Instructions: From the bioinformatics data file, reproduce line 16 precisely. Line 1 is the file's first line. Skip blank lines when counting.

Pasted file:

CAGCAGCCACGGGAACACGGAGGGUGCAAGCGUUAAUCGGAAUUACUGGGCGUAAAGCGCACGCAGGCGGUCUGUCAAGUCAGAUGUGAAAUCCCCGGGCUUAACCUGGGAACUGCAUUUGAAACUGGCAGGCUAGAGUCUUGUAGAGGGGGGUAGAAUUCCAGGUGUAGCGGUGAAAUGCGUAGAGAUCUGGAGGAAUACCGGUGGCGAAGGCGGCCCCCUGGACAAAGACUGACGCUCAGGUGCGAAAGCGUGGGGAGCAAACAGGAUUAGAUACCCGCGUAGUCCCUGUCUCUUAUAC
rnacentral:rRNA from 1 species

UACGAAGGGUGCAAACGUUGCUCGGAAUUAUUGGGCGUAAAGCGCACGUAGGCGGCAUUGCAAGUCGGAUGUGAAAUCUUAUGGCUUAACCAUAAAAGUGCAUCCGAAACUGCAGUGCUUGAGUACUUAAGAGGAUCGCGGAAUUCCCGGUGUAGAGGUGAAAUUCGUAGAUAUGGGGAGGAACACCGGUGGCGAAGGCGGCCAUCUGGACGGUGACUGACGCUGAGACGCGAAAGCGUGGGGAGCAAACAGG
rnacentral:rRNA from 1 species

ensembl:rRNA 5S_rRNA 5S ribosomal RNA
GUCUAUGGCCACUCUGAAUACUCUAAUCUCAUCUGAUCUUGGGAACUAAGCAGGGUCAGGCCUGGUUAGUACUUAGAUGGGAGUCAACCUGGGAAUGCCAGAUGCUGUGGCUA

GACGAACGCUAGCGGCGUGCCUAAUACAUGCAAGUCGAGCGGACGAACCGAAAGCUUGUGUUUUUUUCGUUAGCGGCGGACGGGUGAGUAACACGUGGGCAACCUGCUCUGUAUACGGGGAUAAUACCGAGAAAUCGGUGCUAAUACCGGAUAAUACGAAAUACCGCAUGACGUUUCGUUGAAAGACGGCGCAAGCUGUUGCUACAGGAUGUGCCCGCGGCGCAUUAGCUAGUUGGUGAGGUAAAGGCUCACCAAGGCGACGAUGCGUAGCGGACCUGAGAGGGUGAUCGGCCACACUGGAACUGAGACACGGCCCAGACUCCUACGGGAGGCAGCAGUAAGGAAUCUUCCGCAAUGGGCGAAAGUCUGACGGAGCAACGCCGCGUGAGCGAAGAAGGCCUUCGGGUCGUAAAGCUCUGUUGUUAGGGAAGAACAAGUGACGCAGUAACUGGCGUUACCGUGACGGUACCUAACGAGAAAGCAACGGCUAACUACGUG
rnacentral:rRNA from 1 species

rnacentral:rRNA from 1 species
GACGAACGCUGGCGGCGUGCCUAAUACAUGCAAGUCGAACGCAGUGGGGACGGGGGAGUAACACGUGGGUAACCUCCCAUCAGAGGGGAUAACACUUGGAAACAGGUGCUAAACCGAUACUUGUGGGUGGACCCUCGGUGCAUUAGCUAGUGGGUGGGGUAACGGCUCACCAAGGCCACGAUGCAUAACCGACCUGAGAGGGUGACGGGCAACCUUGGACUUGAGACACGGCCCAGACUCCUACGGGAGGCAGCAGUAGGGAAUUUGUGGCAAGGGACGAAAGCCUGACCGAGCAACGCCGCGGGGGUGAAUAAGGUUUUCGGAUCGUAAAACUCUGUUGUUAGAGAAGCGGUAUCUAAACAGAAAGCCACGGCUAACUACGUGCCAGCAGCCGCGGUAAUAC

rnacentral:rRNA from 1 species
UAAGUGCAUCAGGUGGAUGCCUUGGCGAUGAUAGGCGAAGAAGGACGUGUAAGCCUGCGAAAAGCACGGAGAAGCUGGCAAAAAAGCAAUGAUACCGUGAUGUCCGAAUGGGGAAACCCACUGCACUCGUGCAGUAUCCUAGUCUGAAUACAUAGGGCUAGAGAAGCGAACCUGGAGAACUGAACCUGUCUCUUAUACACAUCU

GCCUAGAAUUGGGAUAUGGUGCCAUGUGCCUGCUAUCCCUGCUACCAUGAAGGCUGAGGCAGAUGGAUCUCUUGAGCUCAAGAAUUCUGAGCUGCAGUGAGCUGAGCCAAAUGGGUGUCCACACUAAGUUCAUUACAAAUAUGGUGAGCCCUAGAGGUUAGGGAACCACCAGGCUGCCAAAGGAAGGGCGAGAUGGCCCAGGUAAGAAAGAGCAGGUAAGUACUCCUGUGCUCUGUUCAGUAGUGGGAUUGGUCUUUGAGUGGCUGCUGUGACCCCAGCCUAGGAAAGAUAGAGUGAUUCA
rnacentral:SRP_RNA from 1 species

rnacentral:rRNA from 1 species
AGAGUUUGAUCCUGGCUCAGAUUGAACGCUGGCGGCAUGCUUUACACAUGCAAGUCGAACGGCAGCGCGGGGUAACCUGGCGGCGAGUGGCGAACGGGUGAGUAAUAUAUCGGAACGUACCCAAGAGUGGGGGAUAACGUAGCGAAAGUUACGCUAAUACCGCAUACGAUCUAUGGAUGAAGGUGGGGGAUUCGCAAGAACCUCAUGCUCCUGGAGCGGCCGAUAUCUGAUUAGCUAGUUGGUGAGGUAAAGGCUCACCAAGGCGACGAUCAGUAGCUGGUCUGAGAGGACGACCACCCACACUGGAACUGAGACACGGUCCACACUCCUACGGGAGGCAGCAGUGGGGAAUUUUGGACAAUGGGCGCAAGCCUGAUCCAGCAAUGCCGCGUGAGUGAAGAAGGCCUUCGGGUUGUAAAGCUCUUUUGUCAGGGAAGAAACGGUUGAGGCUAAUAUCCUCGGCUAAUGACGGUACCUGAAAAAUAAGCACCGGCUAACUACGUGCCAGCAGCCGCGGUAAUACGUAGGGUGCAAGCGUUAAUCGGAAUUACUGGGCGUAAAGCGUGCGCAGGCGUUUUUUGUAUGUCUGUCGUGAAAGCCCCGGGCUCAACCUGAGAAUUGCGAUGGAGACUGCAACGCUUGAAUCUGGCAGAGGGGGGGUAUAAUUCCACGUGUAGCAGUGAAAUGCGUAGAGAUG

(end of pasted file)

AGAGUUUGAUCCUGGCUCAGAUUGAACGCUGGCGGCAUGCUUUACACAUGCAAGUCGAACGGCAGCGCGGGGUAACCUGGCGGCGAGUGGCGAACGGGUGAGUAAUAUAUCGGAACGUACCCAAGAGUGGGGGAUAACGUAGCGAAAGUUACGCUAAUACCGCAUACGAUCUAUGGAUGAAGGUGGGGGAUUCGCAAGAACCUCAUGCUCCUGGAGCGGCCGAUAUCUGAUUAGCUAGUUGGUGAGGUAAAGGCUCACCAAGGCGACGAUCAGUAGCUGGUCUGAGAGGACGACCACCCACACUGGAACUGAGACACGGUCCACACUCCUACGGGAGGCAGCAGUGGGGAAUUUUGGACAAUGGGCGCAAGCCUGAUCCAGCAAUGCCGCGUGAGUGAAGAAGGCCUUCGGGUUGUAAAGCUCUUUUGUCAGGGAAGAAACGGUUGAGGCUAAUAUCCUCGGCUAAUGACGGUACCUGAAAAAUAAGCACCGGCUAACUACGUGCCAGCAGCCGCGGUAAUACGUAGGGUGCAAGCGUUAAUCGGAAUUACUGGGCGUAAAGCGUGCGCAGGCGUUUUUUGUAUGUCUGUCGUGAAAGCCCCGGGCUCAACCUGAGAAUUGCGAUGGAGACUGCAACGCUUGAAUCUGGCAGAGGGGGGGUAUAAUUCCACGUGUAGCAGUGAAAUGCGUAGAGAUG